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FULL STORY: PHD block


Geralyn Edward, Business Editor

FULL STORY: PHD block

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Give Trinidad & Tobago a dose of its own medicine if it continues to block Barbadian exports.
In an uncharacteristic display of frustration with the island’s biggest CARICOM trade partner, managing director and chief executive officer of Banks Holdings Limited (BHL) Richard Cozier yesterday charged that all the milk products and some juices produced by subsidiary company Pine Hill Dairy (PHD) were being deliberately blocked from entering the Trinidad market by its food and drug agency.
Cozier, who heads one of the island’s largest conglomerates, said he was at the end of his tether with the Trinidadian stonewalling and had called on the Ministry of Foreign Affairs and Foreign Trade to aid the company.
“As true Barbadians we take our time and build our case; we look for diplomacy as a means of discussion and negotiations. But how long should this go on before you need to take a definitive stand to say enough is enough?” a disappointed Cozier asked at a Press conference yesterday at PHD’s The Pine, St Michael office.
In the case of PHD’s fresh, flavoured and evaporated milks, Cozier said he was convinced the barriers were designed to protect the Nestle operations in Trinidad where it is the dominant player, producing products mainly from powdered milk.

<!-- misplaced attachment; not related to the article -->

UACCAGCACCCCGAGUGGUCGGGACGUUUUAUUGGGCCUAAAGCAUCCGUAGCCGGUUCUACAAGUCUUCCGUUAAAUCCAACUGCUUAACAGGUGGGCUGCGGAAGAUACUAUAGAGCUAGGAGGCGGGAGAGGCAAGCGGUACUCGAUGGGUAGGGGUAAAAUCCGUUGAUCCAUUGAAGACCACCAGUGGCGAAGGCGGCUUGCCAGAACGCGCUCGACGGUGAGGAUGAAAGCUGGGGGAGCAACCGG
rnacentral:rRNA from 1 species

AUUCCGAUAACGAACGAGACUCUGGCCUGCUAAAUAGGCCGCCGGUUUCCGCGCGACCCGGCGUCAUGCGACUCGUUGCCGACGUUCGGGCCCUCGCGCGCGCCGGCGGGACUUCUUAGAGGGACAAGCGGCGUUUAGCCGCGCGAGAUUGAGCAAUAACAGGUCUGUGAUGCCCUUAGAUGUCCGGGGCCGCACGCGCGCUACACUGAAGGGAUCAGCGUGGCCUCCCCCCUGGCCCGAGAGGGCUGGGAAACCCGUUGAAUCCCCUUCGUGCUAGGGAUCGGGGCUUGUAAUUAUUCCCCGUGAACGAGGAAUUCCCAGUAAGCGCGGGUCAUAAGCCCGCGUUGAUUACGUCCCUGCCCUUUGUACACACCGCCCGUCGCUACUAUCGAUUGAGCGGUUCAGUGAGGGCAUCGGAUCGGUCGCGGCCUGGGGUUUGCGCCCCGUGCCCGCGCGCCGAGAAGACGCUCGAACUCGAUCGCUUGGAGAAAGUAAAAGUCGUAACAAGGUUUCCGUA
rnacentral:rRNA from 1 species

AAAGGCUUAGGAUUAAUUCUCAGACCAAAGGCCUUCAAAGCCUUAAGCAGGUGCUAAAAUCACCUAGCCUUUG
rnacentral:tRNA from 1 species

The BHL boss said the matter started back in 2010 with juice products when PHD started selling its Caribbean Pride “not from concentrate” juices sourced from its Belize subsidiary that owned substantial orchards.
While labelling adjustments were made to some juices that the Trinidadians insisted on, Cozier said PHD had not been able to sell a drop of milk to Trinidad in the past 18 months and it had nothing to do with product quality.
Furthermore, Cozier said the conglomerate was not prepared to incur the costs of relabelling all its milk to meet standards that Trinidad’s authorities were only imposing on Bajan products.
“We have been trying to work with our [people] in Trinidad to see what can be done. We wanted to know whether they would give us a window of opportunity to use out the packaging that we had and then come with the new packaging.
“It seems that nothing was forthcoming in that arena and so we are where we are today – writing to our ministry again saying that we see these as discriminatory non-tariff barriers put in place aimed only at us,” Cozier said.
Stressing that if PHD could only secure about ten per cent of Trinidad’s milk market it would translate to about $60 million business for the company, Cozier said BHL would not drop the matter.
Having discussed the issue with Trinidadian Government officials and those in Barbados, Cozier said it was time to take off the kid gloves and hit the Trinidadians where it hurts, if that was what it took to get the Trinidadians to take Barbados seriously.
He suggested that ignoring Trinidadian products on supermarket shelves was an option Barbadians could adopt if there was no resolution to the matter.
He likened the situation to that faced by former airline REDjetjet in its attempt to get air licence from the Trinidadian authorities.
“Every Barbadian would expect that their government would take strong action where strong action is required” Cozier said.

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